Bil’s rating (out of 5): BBBB
Original Title: Flandersui gae
South Korea, 2000. CJ Entertainment, Cinema Service, Uno Film. Screenplay by Bong Joon Ho, Ji-ho Song, Derek Son Tae-Woong. Cinematography by Yong-kyou Cho. Produced by Min-hwan Cho. Music by Sung-woo Jo. Production Design by Hang Lee. Costume Design by Yun-jung Choi. Film Editing by Eun Soo Lee.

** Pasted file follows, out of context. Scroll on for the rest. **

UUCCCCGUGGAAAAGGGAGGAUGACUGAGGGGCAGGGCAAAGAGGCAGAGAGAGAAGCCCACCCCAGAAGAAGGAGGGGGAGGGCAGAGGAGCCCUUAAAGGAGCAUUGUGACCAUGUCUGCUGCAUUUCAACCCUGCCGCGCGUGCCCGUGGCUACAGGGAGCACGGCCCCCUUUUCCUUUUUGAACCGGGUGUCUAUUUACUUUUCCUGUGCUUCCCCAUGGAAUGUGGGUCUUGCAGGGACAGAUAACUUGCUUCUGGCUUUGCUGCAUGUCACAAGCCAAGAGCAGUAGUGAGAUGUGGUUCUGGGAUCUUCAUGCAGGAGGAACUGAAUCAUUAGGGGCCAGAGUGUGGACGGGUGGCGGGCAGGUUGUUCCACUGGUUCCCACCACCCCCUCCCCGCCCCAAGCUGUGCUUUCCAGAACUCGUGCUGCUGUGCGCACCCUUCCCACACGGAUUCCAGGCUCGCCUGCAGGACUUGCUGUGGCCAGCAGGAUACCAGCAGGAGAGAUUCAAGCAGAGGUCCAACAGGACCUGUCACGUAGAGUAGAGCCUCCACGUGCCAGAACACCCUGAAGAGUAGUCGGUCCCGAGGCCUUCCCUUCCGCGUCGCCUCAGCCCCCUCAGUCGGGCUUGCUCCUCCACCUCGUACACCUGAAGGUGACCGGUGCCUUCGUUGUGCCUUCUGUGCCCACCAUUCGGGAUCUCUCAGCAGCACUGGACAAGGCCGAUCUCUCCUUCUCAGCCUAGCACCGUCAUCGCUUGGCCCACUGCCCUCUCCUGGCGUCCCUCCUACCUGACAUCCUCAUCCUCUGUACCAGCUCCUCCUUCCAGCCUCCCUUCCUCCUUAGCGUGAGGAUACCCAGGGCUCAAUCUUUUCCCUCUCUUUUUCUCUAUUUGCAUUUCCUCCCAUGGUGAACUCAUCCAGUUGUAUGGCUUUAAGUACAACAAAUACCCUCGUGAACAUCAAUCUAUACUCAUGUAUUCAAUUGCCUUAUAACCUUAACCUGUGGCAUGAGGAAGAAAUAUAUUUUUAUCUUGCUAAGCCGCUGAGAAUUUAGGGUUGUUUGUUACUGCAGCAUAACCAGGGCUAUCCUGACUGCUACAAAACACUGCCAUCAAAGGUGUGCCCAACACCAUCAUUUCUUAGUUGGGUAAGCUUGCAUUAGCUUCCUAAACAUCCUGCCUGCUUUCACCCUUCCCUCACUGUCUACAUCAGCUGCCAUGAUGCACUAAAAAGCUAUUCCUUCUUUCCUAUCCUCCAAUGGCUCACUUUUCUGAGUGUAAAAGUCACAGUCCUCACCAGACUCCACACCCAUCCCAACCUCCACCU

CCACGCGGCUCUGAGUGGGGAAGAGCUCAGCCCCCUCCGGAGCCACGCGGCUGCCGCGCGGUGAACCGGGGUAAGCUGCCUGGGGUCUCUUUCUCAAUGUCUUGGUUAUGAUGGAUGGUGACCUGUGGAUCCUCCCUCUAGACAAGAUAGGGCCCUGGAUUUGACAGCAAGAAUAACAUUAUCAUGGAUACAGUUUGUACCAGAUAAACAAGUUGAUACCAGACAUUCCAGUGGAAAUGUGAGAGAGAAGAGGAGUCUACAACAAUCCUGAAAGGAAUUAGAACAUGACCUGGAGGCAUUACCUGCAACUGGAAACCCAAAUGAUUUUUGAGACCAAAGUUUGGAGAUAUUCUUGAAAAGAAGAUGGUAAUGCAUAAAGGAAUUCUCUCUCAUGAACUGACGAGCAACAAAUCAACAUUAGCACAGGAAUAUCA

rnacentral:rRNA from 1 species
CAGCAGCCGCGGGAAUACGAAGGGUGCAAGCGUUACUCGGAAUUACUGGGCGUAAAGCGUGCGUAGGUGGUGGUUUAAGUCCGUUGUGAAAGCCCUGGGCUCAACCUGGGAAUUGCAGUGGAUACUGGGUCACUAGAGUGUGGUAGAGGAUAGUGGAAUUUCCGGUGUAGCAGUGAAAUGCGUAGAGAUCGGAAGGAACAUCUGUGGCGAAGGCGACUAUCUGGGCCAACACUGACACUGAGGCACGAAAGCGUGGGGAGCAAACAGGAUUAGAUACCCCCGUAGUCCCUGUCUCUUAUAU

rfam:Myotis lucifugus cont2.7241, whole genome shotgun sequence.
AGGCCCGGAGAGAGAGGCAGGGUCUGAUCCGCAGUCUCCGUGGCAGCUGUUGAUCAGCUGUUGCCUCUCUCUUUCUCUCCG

A graduate student (Sung-Jae Lee) suffering the penury of academic life in a crummy apartment with his pregnant wife is being driven crazy by the sound of a constantly yapping dog. He takes care of the issue before the title credit comes up, and you wonder what could possibly happen next considering that his ugly deed is done, but that’s the beauty of Bong Joon-ho: his film debut is an unpolished version of later accomplishments, containing the class-conscious themes of high and low that occupy all his works, but it also shows his exceptional ability for telling stories whose small arcs unfold with a strong sense of causality that never gets out of control. Once our protagonist realizes the consequences for his actions, it leads him to an even more desperate move which happens to be witnessed by a woman (the always exceptional Doona Bae) who works in his building complex’s maintenance office. She spends her days phoning in her job and killing time with her friend who runs the building’s convenience store, their aimless loafing at direct odds with the tension of Lee and his emotionally frustated wife. The manner in which these characters cross paths takes the film into comedic territory, but sequences in a cavernous basement (all you Parasite fans take note) provide plenty of thrills, with the titular canines the symbolic divide between privilege and poverty; for some, they are pets, for others they are repast. The film’s conclusion is its weakest point, something Bong would soon get the hang of, but this one’s flaws are minor considering the sense of humorous discovery that it provides for the majority of its running time. No animals were harmed in the making of the film but some of the images do get pretty rough, so don’t watch it if that’s a sensitive issue.